[img_assist|nid=20173|title=|desc=|link=none|align=right|width=150|height=200]Dr. Robert K. Washino, emeritus professor and former chair of the Department of Entomology at the University of California Davis (UCD), was elected as Fellow in 1996. He is internationally known for his work with mosquitoes and vector control, devoting his career to advancing public health.
Washino was born and grew up in Sacramento, CA, admiring even then those who worked with mosquitoes such as Walter Reed, who discovered that yellow fever was transmitted by a mosquito. He received a B.S. in public health from the University of California Berkeley in 1954, an M.S. from UCD in 1956, and served as an entomologist in the U.S. Army Medical Service Corps from 1956–1958 in Europe. He joined the entomology faculty at UCD in 1964, before finishing his Ph.D. in 1967. He would chair the department from 1981–1987, and again post-retirement. He was appointed as associate dean of Academic Affairs in the UCD College of Agricultural and Environmental Sciences, and also served a record tenure as a trustee of the Sacramento-Yolo Mosquito and Vector Control District (SYMVC) from 1973–2011, where he was elected as its president five times.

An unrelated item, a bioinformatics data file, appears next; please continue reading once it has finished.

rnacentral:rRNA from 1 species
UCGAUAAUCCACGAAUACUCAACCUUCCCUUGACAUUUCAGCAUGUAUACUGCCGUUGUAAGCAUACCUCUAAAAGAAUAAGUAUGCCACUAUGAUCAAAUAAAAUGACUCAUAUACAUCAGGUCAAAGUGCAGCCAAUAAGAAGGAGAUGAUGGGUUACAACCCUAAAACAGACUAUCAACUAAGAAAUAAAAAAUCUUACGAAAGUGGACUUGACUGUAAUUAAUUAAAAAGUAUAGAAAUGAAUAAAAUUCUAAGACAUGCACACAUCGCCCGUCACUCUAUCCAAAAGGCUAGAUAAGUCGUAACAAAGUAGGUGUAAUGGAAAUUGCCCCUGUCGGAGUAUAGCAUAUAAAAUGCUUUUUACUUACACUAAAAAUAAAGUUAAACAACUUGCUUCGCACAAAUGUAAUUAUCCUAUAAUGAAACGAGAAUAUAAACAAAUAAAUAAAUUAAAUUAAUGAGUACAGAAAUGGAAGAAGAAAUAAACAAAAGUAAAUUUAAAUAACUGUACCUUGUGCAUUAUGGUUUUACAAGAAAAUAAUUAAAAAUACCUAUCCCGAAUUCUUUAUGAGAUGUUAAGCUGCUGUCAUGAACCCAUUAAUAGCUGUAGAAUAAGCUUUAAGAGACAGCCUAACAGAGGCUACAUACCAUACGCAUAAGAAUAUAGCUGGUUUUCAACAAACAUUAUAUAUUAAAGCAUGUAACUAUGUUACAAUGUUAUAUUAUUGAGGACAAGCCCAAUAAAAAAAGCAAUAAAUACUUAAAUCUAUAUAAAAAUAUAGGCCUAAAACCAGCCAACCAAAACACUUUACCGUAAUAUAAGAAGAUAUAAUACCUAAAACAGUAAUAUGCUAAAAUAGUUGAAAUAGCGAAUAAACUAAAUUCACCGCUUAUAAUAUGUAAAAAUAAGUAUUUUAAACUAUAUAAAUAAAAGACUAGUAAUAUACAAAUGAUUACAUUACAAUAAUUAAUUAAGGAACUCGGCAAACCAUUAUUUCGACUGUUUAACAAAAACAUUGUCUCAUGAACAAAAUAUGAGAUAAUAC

Washino published 193 papers and abstracts on mosquito biology, ecology and control, and co-authored the third edition of the authoritative treatise, Mosquitoes of California in 1978. In the 1990s, he led the effort to procure federal and state support for the construction of high security containment facilities at UCD and UC Riverside to facilitate studies involving exotic plant pests and diseases threatening the state. The reach of his contribution extended not only locally and statewide, but also nationally in testifying before Congress and serving on federal and state task forces involving the management of the exotic Africanized honey bee and Mediterranean fruit fly, and internationally with the World Health Organization.
Washino was very active in the American Mosquito Control Association (AMCA), serving as its president from 1980–1981, as editor of the Journal of AMCA from 1996–1998, and winning the AMCA Medal of Honor in 1997. He represented Section D, Medical and Veterinary Entomology, on the ESA Governing Board from 1977–1980, and the Pacific Branch awarded him the 1987 C.W. Woodworth Award. In 1990, he served as president of the Mosquito and Vector Control Association of California. Lanzaro and Eldridge named Aedes washinoi in his honor in 1992, adding it to the list of North American species. In 1994, the SYMVC Washino Laboratory was named in his honor, a resource center and library that he helped design, and to which he has gifted his literature and photographic collection. Among Washino's awards are the 1996 Distinguished Achievement Award from the Society for Vector Ecology; the 2005 Harry Hoogstraal Medal for Outstanding Achievement in Medical Entomology, recognizing the global reach of his work on mosquito ecology and control; and the 2012 Distinguished Scholarly Public Service Award from UCD's Academic Senate.
Married to his wife, Connie, for over 50 years, they are the parents of three and grandparents of four children.
(updated April, 2015)